If Dave Chappelle's fans had been able to catch some of the episodes of his hit sketch comedy show that he made last year before he escaped the looming threat of a $50 million contract and skipped town--perhaps they wouldn't have been quite so surprised.
While the so-called Chappelle's Show: The Lost Episodes, premiering Sunday on Comedy Central, is vintage Chappelle--smart, racy, culturally incorrect, socio-politically charged and freakin' hilarious--the bits also seem to foreshadow the series' creator's next move, which was to blow that whitewashed popsicle stand while he still had his creative integrity.
Among other reasons, the Washington, D.C.-born comic has said that it was hearing a white member of the studio audience sound a little too amused by one of his racially charged jokes that led him to the conclusion that "white people own everything" and that he had compromised too much of himself in return for commercial success.
Sunday's episode is the first of three. Fellow cast members Charlie Murphy, Donnell Rawlings and others handle the introductions and transitions.
Chappelle has said that televising his abandoned episodes is "kind of a bully move" on Comedy Central's part. But we have a feeling that audiences aren't going to mind too much. They did make the first season of Chappelle's Show the best-selling TV series of all time on DVD, after all.
In any case, two of the four sketches offered on Sunday's pieced-together show, find Chappelle playing himself. Or at least his version of himself, in which he's literally under the gun of fame and fortune.
In one scene, Chappelle is getting what has been advertised as an $8 haircut in a barbershop in the Virgin Islands. Meanwhile, the barber is chatting him up about his money situation and the comedian says that his take-home is nothing special--he's on a cable show, you know. But then a television in the corner tuned to BET shows a talk-show host announcing Chappelle's mega-contract.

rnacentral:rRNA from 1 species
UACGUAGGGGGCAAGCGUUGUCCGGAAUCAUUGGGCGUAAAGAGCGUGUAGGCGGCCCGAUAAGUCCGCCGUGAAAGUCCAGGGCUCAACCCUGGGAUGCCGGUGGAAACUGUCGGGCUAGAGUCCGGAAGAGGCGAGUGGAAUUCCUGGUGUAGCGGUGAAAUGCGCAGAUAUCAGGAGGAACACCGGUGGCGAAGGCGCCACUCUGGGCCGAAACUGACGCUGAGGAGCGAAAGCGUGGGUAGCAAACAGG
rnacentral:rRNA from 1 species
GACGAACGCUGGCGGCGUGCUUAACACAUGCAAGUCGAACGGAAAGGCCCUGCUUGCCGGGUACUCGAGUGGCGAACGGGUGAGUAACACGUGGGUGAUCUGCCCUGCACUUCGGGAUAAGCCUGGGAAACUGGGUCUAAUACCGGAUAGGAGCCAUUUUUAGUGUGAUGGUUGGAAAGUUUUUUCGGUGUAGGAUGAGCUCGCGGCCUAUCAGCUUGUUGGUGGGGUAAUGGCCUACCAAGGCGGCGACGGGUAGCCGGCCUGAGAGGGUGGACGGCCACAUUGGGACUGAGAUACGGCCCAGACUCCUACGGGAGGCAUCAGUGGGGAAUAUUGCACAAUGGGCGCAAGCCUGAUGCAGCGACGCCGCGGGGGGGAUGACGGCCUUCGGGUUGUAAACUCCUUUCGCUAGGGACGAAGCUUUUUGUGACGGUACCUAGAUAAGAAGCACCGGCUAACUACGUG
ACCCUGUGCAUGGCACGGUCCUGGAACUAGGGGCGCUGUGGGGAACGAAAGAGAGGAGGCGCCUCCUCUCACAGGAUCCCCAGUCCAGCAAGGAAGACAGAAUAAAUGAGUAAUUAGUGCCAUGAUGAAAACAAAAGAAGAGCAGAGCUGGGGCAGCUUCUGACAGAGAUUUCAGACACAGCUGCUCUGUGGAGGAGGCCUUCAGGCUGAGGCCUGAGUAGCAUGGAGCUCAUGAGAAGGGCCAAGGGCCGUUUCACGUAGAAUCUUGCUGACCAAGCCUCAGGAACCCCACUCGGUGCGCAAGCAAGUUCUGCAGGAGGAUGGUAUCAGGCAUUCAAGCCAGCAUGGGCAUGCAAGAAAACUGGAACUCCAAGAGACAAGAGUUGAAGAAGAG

The price of the haircut is suddenly $11,000.
The rest of the scenes show Chappelle facing equally inflated prices everywhere he goes, with the sellers flashing a gun every time he quibbles with them. Finally, an IRS agent demanding half of Chappelle's net worth guns down the star's bodyguard, who offers these words:
"Money, the root of all evil. The IRS pulled the trigger, but your greed did this to me, Dave. You didn't have to do two more seasons, no matter how good this show is. They're only going to say it's not as good as last year was."
While this and another sketch that prominently features Spike Lee, the N-word and Kelly Clarkson's "A Moment Like This" prove that Chappelle wasn't going to be losing his edge anytime soon, something obviously wasn't clicking for him.
After pretty much disappearing from the Chappelle's Show set in May 2005, he turned up in South Africa (not in rehab or a psych facility, contrary to mucho speculation) undergoing a kind of mental detox.
He dished about his African spiritual retreat on The Oprah Winfrey Show in February (a celebrity's best bet for damage control--unless you're Tom Cruise) and later opened up in the pages of Esquire, where he explained that, before he left his show, "I felt like I was really pressured to settle for something that I didn't necessarily feel like I wanted."
What Chappelle does seem to want, however, is to keep people shaking with laughter. He got back into the standup game in November at HBO's Comedy Festival in Las Vegas and has continued to ease his way back into the limelight on his own terms (well, except for all the paparazzi and stuff).
Dave Chappelle's Block Party, the cinematic result of a celeb-studded neighborhood shindig the comedian threw and filmed in 2004, opened in March and grossed more than $11.7 million in limited release. The DVD hit stores last month, just before the uncensored second season of Chappelle's Show become available for downloading on Apple's iTunes Music Store.
A July 25 release date has been set for the Lost Episodes DVD.